Sunday, July 29, 2007


So I'm finally getting around to posting stuff and contributing to this blog! I tend to seem non-existent, but I do exist, and so do my desserts! I'm posting a few recipes below that I've enjoyed making over the past few months and thought were worthy of sharing. So here's to the summer dessert challenge ...and spring, and winter, and whatever else I never made myself a part of!

Classic Coconut Cake
This recipe is Ina Garten's, which some of you may have made before. I've used it a couple times because it's one of those cakes that you can count on being good every time - the coconut in the cake itself makes it extra moist and it's even better a day or two old. I especially like that she uses almond extract, because I think it's a great complement to the coconut flavor.

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3/4 pound (3 sticks) unsalted butter, at room temperature, plus more for greasing the pans
2 cups sugar
5 extra-large eggs, at room temperature
1 1/2 teaspoons pure vanilla extract
1 1/2 teaspoons pure almond extract
3 cups all-purpose flour, plus more for dusting the pans
1 teaspoon baking powder
1/2 teaspoon baking soda
1/2 teaspoon kosher salt
1 cup milk
4 ounces sweetened shredded coconut

For the frosting:
1 pound cream cheese, at room temperature
1/2 pound (2 sticks) unsalted butter, at room temperature
3/4 teaspoon pure vanilla extract
1/4 teaspoon pure almond extract
1 pound confectioners' sugar, sifted
6 ounces sweetened shredded coconut
Preheat the oven to 350 degrees F. Grease 2 (9-inch) round cake pans, then line them parchment paper. Grease them again and dust lightly with flour.

In the bowl of an electric mixer fitted with a paddle attachment, cream the butter and sugar on medium-high speed for 3 to 5 minutes, until light yellow and fluffy. Crack the eggs into a small bowl. With the mixer on medium speed, add the eggs 1 at a time, scraping down the bowl once during mixing. Add the vanilla and almond extracts and mix well. The mixture might look curdled; don't be concerned.

In a separate bowl, sift together the flour, baking powder, baking soda and salt. With the mixer on low speed, alternately add the dry ingredients and the milk to the batter in 3 parts, beginning and ending with dry ingredients. Mix until just combined. Fold in the 4 ounces of coconut with a rubber spatula.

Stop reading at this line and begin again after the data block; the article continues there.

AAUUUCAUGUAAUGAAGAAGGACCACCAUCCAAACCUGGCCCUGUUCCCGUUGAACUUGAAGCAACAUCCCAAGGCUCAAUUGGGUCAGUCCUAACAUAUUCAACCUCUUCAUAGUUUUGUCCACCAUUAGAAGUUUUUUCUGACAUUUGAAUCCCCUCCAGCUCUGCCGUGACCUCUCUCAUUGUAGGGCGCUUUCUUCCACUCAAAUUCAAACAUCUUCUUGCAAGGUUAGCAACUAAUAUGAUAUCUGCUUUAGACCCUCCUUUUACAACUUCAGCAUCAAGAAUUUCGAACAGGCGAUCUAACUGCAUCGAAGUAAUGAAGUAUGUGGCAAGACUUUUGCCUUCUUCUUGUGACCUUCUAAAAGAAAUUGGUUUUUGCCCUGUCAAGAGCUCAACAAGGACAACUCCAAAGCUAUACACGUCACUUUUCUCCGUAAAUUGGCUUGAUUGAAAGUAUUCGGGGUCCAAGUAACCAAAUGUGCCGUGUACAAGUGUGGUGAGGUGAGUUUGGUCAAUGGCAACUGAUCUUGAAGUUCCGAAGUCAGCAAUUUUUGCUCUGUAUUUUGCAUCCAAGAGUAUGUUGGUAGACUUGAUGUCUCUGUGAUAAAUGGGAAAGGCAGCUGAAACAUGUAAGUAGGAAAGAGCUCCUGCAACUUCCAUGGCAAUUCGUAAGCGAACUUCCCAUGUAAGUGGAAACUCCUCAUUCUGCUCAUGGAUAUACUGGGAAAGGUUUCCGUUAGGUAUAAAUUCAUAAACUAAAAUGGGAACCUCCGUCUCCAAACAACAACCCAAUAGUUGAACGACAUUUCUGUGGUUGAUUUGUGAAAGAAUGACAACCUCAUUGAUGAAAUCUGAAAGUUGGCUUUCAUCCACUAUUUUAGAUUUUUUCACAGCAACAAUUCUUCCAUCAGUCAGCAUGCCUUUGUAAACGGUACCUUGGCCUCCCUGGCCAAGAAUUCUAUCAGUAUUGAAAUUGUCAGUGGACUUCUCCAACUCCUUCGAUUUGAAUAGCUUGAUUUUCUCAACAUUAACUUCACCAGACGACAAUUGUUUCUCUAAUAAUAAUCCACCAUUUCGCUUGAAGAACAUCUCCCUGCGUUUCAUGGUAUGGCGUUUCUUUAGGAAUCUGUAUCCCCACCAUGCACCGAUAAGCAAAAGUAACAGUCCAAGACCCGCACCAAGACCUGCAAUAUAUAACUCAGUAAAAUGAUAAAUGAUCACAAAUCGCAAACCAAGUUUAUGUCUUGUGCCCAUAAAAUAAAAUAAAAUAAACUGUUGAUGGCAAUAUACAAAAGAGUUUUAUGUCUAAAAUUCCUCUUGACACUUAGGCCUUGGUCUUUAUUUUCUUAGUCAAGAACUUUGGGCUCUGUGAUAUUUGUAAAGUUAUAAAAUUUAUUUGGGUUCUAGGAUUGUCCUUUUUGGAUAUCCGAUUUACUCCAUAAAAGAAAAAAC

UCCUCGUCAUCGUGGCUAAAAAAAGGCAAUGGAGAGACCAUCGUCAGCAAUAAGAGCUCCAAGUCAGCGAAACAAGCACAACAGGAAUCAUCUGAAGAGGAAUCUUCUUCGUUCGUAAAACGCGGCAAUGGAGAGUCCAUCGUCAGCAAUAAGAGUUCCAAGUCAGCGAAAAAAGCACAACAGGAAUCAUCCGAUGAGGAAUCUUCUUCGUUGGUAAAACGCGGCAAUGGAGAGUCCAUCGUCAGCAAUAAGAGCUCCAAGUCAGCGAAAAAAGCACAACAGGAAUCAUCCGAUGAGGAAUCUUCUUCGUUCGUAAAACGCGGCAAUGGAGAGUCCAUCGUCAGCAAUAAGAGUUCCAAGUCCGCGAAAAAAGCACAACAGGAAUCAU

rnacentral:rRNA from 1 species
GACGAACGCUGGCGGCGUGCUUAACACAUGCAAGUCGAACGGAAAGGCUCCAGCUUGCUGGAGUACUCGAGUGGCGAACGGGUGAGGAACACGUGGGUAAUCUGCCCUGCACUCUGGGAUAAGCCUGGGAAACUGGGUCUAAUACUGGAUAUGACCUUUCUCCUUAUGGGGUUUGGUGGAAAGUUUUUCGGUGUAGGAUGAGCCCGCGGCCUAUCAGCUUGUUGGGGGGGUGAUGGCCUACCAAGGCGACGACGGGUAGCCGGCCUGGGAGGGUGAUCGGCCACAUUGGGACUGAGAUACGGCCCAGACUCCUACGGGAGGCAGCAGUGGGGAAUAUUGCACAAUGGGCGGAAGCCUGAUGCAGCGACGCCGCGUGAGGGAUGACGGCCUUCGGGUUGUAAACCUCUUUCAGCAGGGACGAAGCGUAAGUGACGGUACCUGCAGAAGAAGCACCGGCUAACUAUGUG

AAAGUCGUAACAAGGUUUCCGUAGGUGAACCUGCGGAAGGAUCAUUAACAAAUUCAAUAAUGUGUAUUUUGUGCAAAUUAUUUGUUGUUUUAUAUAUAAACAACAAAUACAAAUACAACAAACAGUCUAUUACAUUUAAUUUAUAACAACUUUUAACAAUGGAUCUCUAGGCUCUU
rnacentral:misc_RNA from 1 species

Pour the batter evenly into the 2 pans and smooth the top with a knife. Bake in the center of the oven for 45 to 55 minutes (according to the recipe, although I usually do 40-45 min), until the tops are browned and a cake tester comes out

The next 2 recipes are a result of trying to figure out something to do with peaches before they go bad... My aunt lives in Georgia, and every summer she comes and brings a bazillion peaches for my family, and this year I was determined to bake with them before they rotted. The first recipe is a peach coffee cake, which is in no way meant to be a competitor with Susan's "Morning After Coffeecake" (which I have made at least 6 times I think!) The second is a peach shortcake, which I made as a birthday cake for my aunt (the one that brings all the peaches) and she said it was the best birthday cake she's had in years.

Peach Streusel Coffee Cake (taken from Williams-Sonoma "Muffins" cookbook)

To peel the peaches for this recipe easily, bring a saucepan three-fourths full of water to a boil. Using a small, sharp knife, cut a shallow X on the blossom end of each peach. Immerse the peaches in the boiling water for 20 to 30 seconds. Lift out with a slotted spoon and let cool on a work surface. Using your fingers or the knife, slip off the skins.

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For the streusel:
3⁄4 cup all-purpose flour
1⁄3 cup firmly packed light brown sugar
1⁄4 cup granulated sugar
1 tsp. ground cinnamon